I sensed from body language around the class table that I may have been the only one hanging on her every word. Most pairs of eyes were not on her. The teacher tried to hurry the lady along, but she wasn’t yielding the floor until she finished her story. I sensed she was struggling to being taken seriously and it wasn’t working.  I, the silent one, perhaps the one who was most different from her, was her biggest fan around that table.

When class was over, she came by and I spoke up for a change. I just sensed she may have felt bad.  I wanted her to know I was glad to see her since she had been absent. Her response was she wouldn’t be back. She said she didn’t belong in the class. That she wouldn’t be missed. I didn’t feel compelled to put forth a vigorous argument. It wouldn’t have done any good. It was just as obvious to me as it was to her.  I told her instead that I would miss her and she appreciated that. I’m still sad to say I never saw the lady from Paris again.

The class members are not villians.  They didn’t mean to hurt the lady.  I found her charming, but I can see how someone might see her as eccentric.  I admit she’s the only Christian church member I ever knew who went calling on monks.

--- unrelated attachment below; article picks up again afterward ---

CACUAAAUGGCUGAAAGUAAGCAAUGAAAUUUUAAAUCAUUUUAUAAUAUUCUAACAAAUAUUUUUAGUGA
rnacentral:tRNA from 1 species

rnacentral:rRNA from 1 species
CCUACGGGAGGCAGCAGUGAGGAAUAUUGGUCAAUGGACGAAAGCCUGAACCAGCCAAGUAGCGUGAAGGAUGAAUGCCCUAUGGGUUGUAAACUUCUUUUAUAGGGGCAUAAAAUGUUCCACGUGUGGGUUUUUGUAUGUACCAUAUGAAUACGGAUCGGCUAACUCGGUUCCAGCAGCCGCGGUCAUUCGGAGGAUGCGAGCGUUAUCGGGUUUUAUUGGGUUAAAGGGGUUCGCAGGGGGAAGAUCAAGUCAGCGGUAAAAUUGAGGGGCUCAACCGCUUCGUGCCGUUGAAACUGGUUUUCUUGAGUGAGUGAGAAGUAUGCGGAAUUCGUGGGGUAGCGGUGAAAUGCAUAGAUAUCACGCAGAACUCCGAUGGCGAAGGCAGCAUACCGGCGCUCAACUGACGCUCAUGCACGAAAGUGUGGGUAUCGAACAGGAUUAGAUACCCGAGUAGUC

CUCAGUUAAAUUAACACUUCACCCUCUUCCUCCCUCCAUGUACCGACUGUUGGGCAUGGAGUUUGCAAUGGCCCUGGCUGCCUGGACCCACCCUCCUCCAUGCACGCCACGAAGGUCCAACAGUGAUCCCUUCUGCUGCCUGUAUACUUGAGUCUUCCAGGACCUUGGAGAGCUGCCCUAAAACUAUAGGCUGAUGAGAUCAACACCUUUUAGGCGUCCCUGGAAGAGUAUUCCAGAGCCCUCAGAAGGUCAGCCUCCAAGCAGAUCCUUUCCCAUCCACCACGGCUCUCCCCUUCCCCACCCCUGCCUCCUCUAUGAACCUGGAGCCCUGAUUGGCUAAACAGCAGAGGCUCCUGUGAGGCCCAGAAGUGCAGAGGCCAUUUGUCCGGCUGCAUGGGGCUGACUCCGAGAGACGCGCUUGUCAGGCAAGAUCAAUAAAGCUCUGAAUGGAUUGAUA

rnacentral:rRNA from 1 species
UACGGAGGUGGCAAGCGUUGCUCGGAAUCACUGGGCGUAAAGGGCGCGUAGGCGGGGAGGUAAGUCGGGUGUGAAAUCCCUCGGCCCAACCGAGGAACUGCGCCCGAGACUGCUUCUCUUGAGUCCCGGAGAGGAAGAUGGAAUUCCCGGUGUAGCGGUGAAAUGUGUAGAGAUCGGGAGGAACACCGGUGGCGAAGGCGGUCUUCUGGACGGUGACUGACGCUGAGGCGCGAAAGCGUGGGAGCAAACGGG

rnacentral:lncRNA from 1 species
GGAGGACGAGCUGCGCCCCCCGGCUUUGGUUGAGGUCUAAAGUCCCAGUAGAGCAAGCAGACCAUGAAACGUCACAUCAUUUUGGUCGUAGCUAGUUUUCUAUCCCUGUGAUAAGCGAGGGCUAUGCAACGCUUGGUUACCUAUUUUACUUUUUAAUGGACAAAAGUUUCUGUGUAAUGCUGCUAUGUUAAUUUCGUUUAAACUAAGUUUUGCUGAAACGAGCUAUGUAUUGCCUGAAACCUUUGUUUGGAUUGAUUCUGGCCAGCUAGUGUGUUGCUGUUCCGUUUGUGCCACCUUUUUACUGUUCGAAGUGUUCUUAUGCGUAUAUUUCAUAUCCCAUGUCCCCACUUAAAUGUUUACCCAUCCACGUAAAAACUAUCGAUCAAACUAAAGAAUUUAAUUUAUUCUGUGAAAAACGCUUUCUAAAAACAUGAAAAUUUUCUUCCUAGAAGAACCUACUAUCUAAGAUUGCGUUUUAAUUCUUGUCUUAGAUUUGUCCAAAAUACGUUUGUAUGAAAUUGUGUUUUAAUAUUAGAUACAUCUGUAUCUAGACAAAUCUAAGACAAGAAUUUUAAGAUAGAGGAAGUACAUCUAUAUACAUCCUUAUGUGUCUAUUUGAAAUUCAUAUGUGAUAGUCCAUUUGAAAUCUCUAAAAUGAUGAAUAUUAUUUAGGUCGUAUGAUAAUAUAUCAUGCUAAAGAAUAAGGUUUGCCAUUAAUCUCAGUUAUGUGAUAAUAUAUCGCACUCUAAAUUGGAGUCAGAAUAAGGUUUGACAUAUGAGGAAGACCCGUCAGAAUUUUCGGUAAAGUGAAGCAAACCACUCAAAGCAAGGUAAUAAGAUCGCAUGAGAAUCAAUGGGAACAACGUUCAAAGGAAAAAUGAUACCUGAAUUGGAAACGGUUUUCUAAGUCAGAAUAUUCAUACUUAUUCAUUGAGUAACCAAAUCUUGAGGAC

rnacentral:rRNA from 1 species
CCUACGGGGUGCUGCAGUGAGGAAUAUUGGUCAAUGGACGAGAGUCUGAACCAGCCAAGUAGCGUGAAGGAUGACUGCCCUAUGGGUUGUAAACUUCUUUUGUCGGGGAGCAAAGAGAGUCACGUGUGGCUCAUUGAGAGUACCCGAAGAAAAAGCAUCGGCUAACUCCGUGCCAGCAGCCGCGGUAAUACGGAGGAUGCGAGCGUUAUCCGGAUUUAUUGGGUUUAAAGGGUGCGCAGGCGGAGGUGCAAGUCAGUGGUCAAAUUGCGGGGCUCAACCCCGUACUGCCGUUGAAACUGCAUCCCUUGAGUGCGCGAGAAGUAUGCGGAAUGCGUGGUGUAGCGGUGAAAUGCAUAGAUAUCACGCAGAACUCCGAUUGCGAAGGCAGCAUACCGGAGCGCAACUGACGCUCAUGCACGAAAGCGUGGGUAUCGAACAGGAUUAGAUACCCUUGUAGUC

It wasn’t long until it was my turn to leave too.  I don’t think anybody missed me, but I hope I’m wrong about that.  That somebody did wonder where the silent lady went off to.



A Trash Can is a Good Place to Hide

Sometimes I have the sheer enjoyment of being with a special ed class when they have the school gym to themselves for around a half hour.  The kids seem to love it.
On one occasion, the teacher had her camera to take a class picture.  The aide I was subbing for was leaving the job and her last day was the following day.  The teacher was taking the class pic to frame it and give to the aide to remember them by.  The gym wall was a good backdrop for the whole gang to stand in front of.  It is not easy to get a half a dozen autistic students to stand still, look at the camera, and smile.  BELIEVE ME!
The P.E. class who was there before we arrived had been playing some sort of game with actual trash cans.  One of the trash cans caught the attention of one of the boys.  He didn’t play with it such as rolling the can around.  Instead, he got inside the can.  He’s a big boy and, believe you me, there wasn’t much wiggle room.  The teacher caught it in time and took a picture of him “in the can”.  
Then, low and behold, we saw another student who had the same idea.  Although the student is blind, she managed to find the trash can and climb in.  Only she climbed in head first.  The teacher took a picture of her, too, and sent it to her Mom.   The mom received the picture of a trash can with two feet sticking out of it with the line “Guess who that is?”  HA!